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Will I Ever Find "The One?"
You've tried online dating, singles groups, speed dating, and even considered hiring a matchmaker. You've lost count of all the articles you've read on how to attract and flirt with that interesting stranger, best places to meet people, tips on writing a great personal ad and effective relationship communication--to name a few. You know you have a lot to offer and everyone tells you what a great catch you would be for some lucky guy/woman. You are successful in your career or at least on the right path, and feel you are really ready to meet that right person. So, what are you doing wrong?
Let me begin by stating that I'm not sure this is the question folks should be asking themselves because it implies that they are doing all the wrong things--and that doing the right things will change their luck. My guess is that many of you have taken some great steps, made wise choices and been persistent and creative, yet, still no relationship gold was to be had. So, let's begin with the assumption that you have not been wrong--just in need of looking at your dating and relationship challenges in a different way.
Experience has taught me that certain elements are more critical than others when it comes to successfully finding, building and sustaining a healthy and satisfying intimate relationship. These include relationship readiness, taking calculated risks, going beyond your comfort zone, and increasing your self-awareness and self-confidence, to name a few. Read over what I have to say about each, and give them some real thought as I offer my perspective and best tips for addressing each one.
* Relationship Readiness
Relationship readiness is not about age, marital status of friends and peers, income level, or the feeling that you should be in a committed relationship. It is about being adequately capable of handling the many challenges, changes and unforeseen occurrences that come with every healthy, intimate relationship.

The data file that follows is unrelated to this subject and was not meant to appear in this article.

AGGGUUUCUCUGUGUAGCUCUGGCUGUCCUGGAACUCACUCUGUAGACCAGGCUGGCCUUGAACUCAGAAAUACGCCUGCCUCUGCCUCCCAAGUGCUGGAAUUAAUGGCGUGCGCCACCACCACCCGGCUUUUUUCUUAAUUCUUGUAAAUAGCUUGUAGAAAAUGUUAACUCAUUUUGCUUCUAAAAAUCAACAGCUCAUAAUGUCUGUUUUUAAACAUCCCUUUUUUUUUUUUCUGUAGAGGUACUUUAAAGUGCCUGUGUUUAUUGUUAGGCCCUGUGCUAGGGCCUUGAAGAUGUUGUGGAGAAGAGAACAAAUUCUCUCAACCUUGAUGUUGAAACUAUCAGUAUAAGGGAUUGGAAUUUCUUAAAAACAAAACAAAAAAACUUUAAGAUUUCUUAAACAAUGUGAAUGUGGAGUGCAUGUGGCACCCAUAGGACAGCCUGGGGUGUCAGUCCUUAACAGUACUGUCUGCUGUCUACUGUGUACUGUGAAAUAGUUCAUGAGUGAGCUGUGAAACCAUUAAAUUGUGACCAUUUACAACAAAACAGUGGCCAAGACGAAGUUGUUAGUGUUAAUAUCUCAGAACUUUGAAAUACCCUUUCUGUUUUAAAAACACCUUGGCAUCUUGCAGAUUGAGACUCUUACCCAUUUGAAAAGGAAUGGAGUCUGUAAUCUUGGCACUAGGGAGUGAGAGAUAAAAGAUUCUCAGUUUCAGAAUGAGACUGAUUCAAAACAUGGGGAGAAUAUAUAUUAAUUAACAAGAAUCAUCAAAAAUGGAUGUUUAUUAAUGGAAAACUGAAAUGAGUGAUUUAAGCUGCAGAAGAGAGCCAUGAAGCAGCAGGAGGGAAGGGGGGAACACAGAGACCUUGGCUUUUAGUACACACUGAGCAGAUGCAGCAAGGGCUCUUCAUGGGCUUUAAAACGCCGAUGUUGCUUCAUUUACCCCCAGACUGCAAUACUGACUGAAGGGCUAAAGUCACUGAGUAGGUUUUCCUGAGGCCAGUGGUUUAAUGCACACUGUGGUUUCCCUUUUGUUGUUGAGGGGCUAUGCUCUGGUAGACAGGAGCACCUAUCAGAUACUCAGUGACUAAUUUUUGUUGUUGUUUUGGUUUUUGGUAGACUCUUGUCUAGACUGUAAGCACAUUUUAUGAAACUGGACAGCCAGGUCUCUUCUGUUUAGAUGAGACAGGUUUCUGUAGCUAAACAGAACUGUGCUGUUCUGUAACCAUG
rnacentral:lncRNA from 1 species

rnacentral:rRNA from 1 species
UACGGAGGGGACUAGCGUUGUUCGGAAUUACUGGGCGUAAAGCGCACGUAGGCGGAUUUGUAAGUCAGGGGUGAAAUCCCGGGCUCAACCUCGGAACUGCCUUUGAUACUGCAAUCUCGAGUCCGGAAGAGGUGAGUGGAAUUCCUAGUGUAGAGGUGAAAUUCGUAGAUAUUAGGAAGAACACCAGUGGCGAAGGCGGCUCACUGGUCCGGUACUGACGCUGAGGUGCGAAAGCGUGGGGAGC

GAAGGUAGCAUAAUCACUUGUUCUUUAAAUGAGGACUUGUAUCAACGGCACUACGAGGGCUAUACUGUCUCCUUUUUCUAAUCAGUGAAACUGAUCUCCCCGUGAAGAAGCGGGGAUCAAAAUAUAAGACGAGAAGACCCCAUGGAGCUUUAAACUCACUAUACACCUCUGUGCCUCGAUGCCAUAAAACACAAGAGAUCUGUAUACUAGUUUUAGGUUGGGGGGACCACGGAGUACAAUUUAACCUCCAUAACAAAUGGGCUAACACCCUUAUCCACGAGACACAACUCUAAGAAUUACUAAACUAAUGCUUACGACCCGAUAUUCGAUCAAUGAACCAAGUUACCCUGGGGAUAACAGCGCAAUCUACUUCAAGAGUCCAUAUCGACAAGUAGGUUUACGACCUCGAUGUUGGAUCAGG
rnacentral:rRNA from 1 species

If you find yourself feeling the pressure to get into a relationship because you are lonely, all your friends are coupled and moving on, and/or you are uncomfortable with always being the fifth wheel in social situations--step back, take a deep breath and examine your true readiness for this step.
Begin by asking yourself if you know what you want from a future partner and relationship. Think about your values and life/personal; goals- and what kind of person would mesh well with these. Next do a review of your dating and relationship history. See any troubling patterns? Are you often attracted to the wrong kind of person? Are there leftover issues from a past relationship that need to be dealt with? Are you lacking in any real experience? If so, why? Your answers will tell you if you need to work on these before taking the very serious step of making a commitment to a new relationship.
Now, take an inventory of your self-esteem, and ask yourself the following questions. Do you like yourself? Are you accepting of your flaws yet open to working on them with the goal of being the best you can be? Are your forgiving of both yourself and others? Do you have a positive view of the world and the life you have created for yourself? Do you know yourself well, and like what you know? If not, what can you do to make a positive change in your self-worth? Positive people are VERY attractive to others. Feeling good about you is key to attracting that right person.